Wednesday, 30 April 2014

Once there was a dragon...

I taught my two grandsons this song ... I knew a version about three dragons, each with a different colour, Red, Green or Black .. and if you were ever to meet any of them, one fine day, far away, then you must SLAY that particular dragon ... It was much appreciated and Isaak contributed a version about one dressed in Lime (full of crime), and Nathan liked the idea of one dressed in Blue (beautiful and true) and of course, this one you would greet, and say "Good day, Dragon who is dressed in blue".
Isaak's class was having a 'medieval Europe week', dressing up as knights, fair ladies, and of course, confronting dens of dragons... I was delighted to hear that they were also learning about 'stereotypes' and used ideas about dragons to break the stereotypical notion that such a monster must inevitably be full of wrath and breathing out flames. We learnt that there are friendly dragons too.
Great fun to be six years old and attend a school like that.  And thank goodness for air conditioning, though it is quite remarkable how many of these youngsters don't appear to turn a hair at air temperatures approaching 40 degrees Celsius. (The heat hits me as I open the front door to go outside, and the ground scorches my bare feet ... quick retreat into shadow before plunging into the wam waters of the nearby swimming pool.)

So it's good-bye Dubai I guess; have been visiting there for around six and a half years now, and Judy has lived there over four years. She and her family will soon be re-locating. Farewell Babylon, the huge quiet desert and the nearby misty mountains, the alluring shopping malls and the absurd sky-high towers. Like an insubstantial pageant faded ... I have already almost forgotten the boogy-woogy lights below as the plane comes in to land at night. I remember the people I met there.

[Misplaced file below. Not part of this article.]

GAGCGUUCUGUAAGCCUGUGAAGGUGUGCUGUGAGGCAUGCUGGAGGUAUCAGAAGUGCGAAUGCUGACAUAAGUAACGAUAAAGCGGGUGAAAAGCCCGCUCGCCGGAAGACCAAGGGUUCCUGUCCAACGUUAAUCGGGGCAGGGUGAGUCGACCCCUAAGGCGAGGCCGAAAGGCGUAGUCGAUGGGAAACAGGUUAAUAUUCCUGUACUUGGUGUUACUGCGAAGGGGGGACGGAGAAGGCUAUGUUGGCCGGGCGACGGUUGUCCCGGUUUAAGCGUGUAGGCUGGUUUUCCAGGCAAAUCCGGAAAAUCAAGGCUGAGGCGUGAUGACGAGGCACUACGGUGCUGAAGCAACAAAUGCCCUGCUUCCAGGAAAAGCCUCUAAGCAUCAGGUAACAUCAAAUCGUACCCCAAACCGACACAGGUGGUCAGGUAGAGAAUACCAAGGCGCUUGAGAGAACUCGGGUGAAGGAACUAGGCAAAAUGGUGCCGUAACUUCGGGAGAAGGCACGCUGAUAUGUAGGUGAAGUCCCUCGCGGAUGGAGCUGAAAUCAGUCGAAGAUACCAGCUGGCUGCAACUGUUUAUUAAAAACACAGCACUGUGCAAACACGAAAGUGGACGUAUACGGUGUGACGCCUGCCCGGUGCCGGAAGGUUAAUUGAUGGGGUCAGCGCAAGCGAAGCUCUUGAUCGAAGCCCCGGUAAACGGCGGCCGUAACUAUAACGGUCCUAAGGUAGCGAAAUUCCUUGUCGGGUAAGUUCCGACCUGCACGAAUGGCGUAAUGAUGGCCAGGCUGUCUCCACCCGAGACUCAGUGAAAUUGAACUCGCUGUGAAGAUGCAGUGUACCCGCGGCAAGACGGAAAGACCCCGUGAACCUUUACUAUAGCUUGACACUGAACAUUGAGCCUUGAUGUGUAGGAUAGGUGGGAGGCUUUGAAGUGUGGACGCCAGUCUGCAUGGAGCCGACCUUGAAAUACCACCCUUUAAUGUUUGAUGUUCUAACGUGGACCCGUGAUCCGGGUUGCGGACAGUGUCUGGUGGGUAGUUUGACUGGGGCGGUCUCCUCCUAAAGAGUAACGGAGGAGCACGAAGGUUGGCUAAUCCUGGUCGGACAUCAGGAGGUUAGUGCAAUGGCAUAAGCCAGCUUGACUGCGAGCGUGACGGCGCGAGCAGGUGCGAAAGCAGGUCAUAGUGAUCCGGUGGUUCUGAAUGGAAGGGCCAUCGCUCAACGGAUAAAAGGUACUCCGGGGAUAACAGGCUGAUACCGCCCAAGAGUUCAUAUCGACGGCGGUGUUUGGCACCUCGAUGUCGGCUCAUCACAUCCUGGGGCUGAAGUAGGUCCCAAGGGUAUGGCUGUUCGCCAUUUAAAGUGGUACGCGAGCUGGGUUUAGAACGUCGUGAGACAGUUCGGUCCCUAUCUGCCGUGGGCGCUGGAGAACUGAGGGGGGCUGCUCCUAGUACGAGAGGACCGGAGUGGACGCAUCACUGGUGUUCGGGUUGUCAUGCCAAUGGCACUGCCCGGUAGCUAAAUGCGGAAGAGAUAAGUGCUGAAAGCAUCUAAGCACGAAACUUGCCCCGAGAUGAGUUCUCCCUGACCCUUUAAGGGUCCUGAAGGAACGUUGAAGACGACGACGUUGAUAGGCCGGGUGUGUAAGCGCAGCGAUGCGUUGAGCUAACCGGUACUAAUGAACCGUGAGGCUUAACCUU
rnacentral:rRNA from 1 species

Back in Finike, south Turkey, watching the sea. Wind-ruffled, rocking the boats, no chance of mast-patterns on the rippling sea. But such tranquillity here, despite the roaring lorries that zoom down the hills from Demre (shades of Sint Nikolaas) on  their way to Antalya.
We could happily stay here, going for walks along St Paul's Way, climbing up to ancient fortresses built of white stone, bleached by the Mediterranean sun, gazing into bright distances, across rolling land sprinkled with golden broom, where pine and cypress clothe the nearby hills. And in the distance the cloud-capped towers... (or mountains?)

I think so often: there is not enough time, certainly not to describe enough detail, like the hairs on a caterpillar, or write a carefully structured sonnet. But I also think: make the time you need and enjoy every moment that you have.
And now it's suppertime (red lentil soup of course, with tiny shavings of dried red chili).
Turkish delight...

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